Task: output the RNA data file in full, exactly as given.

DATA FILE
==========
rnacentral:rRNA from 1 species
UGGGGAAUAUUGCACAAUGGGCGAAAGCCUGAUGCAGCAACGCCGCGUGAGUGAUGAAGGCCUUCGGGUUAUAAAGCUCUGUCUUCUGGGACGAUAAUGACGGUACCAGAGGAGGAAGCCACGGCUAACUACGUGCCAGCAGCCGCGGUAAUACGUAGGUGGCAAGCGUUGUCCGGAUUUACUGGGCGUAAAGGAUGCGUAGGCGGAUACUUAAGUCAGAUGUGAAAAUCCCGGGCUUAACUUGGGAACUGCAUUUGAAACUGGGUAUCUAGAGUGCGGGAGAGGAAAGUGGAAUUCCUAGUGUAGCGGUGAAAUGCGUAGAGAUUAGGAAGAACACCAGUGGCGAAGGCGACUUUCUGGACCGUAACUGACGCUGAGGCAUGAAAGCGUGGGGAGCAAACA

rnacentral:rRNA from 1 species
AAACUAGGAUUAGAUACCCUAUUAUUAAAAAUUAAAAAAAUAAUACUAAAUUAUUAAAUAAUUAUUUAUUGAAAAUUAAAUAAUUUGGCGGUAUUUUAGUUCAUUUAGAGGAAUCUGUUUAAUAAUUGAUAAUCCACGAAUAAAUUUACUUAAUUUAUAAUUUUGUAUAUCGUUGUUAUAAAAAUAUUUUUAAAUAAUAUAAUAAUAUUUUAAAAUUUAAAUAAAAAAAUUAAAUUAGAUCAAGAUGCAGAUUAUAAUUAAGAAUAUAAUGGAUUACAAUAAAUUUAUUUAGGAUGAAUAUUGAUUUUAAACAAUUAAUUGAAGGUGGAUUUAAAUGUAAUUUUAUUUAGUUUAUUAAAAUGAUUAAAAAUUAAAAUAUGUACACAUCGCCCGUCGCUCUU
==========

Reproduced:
rnacentral:rRNA from 1 species
UGGGGAAUAUUGCACAAUGGGCGAAAGCCUGAUGCAGCAACGCCGCGUGAGUGAUGAAGGCCUUCGGGUUAUAAAGCUCUGUCUUCUGGGACGAUAAUGACGGUACCAGAGGAGGAAGCCACGGCUAACUACGUGCCAGCAGCCGCGGUAAUACGUAGGUGGCAAGCGUUGUCCGGAUUUACUGGGCGUAAAGGAUGCGUAGGCGGAUACUUAAGUCAGAUGUGAAAAUCCCGGGCUUAACUUGGGAACUGCAUUUGAAACUGGGUAUCUAGAGUGCGGGAGAGGAAAGUGGAAUUCCUAGUGUAGCGGUGAAAUGCGUAGAGAUUAGGAAGAACACCAGUGGCGAAGGCGACUUUCUGGACCGUAACUGACGCUGAGGCAUGAAAGCGUGGGGAGCAAACA

rnacentral:rRNA from 1 species
AAACUAGGAUUAGAUACCCUAUUAUUAAAAAUUAAAAAAAUAAUACUAAAUUAUUAAAUAAUUAUUUAUUGAAAAUUAAAUAAUUUGGCGGUAUUUUAGUUCAUUUAGAGGAAUCUGUUUAAUAAUUGAUAAUCCACGAAUAAAUUUACUUAAUUUAUAAUUUUGUAUAUCGUUGUUAUAAAAAUAUUUUUAAAUAAUAUAAUAAUAUUUUAAAAUUUAAAUAAAAAAAUUAAAUUAGAUCAAGAUGCAGAUUAUAAUUAAGAAUAUAAUGGAUUACAAUAAAUUUAUUUAGGAUGAAUAUUGAUUUUAAACAAUUAAUUGAAGGUGGAUUUAAAUGUAAUUUUAUUUAGUUUAUUAAAAUGAUUAAAAAUUAAAAUAUGUACACAUCGCCCGUCGCUCUU